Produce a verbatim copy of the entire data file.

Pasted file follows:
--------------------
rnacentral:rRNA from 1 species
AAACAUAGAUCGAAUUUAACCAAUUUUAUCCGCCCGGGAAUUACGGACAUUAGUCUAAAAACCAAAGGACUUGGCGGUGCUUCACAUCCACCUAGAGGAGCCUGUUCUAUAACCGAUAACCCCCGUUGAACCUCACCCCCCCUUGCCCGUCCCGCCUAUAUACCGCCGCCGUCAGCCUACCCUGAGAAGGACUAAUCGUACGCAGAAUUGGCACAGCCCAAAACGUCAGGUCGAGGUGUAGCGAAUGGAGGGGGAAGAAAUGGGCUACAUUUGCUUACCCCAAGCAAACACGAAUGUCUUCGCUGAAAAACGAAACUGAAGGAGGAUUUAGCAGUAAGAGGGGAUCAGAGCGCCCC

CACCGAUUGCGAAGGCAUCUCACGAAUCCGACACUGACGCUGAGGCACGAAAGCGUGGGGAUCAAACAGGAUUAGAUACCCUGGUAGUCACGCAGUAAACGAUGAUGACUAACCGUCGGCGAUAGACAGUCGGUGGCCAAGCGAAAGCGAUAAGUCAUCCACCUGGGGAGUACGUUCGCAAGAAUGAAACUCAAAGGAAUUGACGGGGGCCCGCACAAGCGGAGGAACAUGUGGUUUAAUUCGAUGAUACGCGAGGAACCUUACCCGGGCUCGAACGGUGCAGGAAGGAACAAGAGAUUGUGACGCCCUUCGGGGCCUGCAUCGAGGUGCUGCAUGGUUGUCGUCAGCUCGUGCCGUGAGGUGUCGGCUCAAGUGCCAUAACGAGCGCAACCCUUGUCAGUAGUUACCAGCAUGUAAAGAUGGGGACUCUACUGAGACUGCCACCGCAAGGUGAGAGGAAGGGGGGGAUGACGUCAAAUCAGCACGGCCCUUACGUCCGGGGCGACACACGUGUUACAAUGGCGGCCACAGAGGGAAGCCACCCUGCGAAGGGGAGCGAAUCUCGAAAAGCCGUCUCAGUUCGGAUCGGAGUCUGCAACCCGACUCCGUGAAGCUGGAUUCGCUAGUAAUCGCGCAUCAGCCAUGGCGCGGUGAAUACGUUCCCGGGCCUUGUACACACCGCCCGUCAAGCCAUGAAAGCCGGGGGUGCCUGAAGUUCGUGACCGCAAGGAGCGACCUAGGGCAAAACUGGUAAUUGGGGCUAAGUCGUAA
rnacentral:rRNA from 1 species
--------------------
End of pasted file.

rnacentral:rRNA from 1 species
AAACAUAGAUCGAAUUUAACCAAUUUUAUCCGCCCGGGAAUUACGGACAUUAGUCUAAAAACCAAAGGACUUGGCGGUGCUUCACAUCCACCUAGAGGAGCCUGUUCUAUAACCGAUAACCCCCGUUGAACCUCACCCCCCCUUGCCCGUCCCGCCUAUAUACCGCCGCCGUCAGCCUACCCUGAGAAGGACUAAUCGUACGCAGAAUUGGCACAGCCCAAAACGUCAGGUCGAGGUGUAGCGAAUGGAGGGGGAAGAAAUGGGCUACAUUUGCUUACCCCAAGCAAACACGAAUGUCUUCGCUGAAAAACGAAACUGAAGGAGGAUUUAGCAGUAAGAGGGGAUCAGAGCGCCCC

CACCGAUUGCGAAGGCAUCUCACGAAUCCGACACUGACGCUGAGGCACGAAAGCGUGGGGAUCAAACAGGAUUAGAUACCCUGGUAGUCACGCAGUAAACGAUGAUGACUAACCGUCGGCGAUAGACAGUCGGUGGCCAAGCGAAAGCGAUAAGUCAUCCACCUGGGGAGUACGUUCGCAAGAAUGAAACUCAAAGGAAUUGACGGGGGCCCGCACAAGCGGAGGAACAUGUGGUUUAAUUCGAUGAUACGCGAGGAACCUUACCCGGGCUCGAACGGUGCAGGAAGGAACAAGAGAUUGUGACGCCCUUCGGGGCCUGCAUCGAGGUGCUGCAUGGUUGUCGUCAGCUCGUGCCGUGAGGUGUCGGCUCAAGUGCCAUAACGAGCGCAACCCUUGUCAGUAGUUACCAGCAUGUAAAGAUGGGGACUCUACUGAGACUGCCACCGCAAGGUGAGAGGAAGGGGGGGAUGACGUCAAAUCAGCACGGCCCUUACGUCCGGGGCGACACACGUGUUACAAUGGCGGCCACAGAGGGAAGCCACCCUGCGAAGGGGAGCGAAUCUCGAAAAGCCGUCUCAGUUCGGAUCGGAGUCUGCAACCCGACUCCGUGAAGCUGGAUUCGCUAGUAAUCGCGCAUCAGCCAUGGCGCGGUGAAUACGUUCCCGGGCCUUGUACACACCGCCCGUCAAGCCAUGAAAGCCGGGGGUGCCUGAAGUUCGUGACCGCAAGGAGCGACCUAGGGCAAAACUGGUAAUUGGGGCUAAGUCGUAA
rnacentral:rRNA from 1 species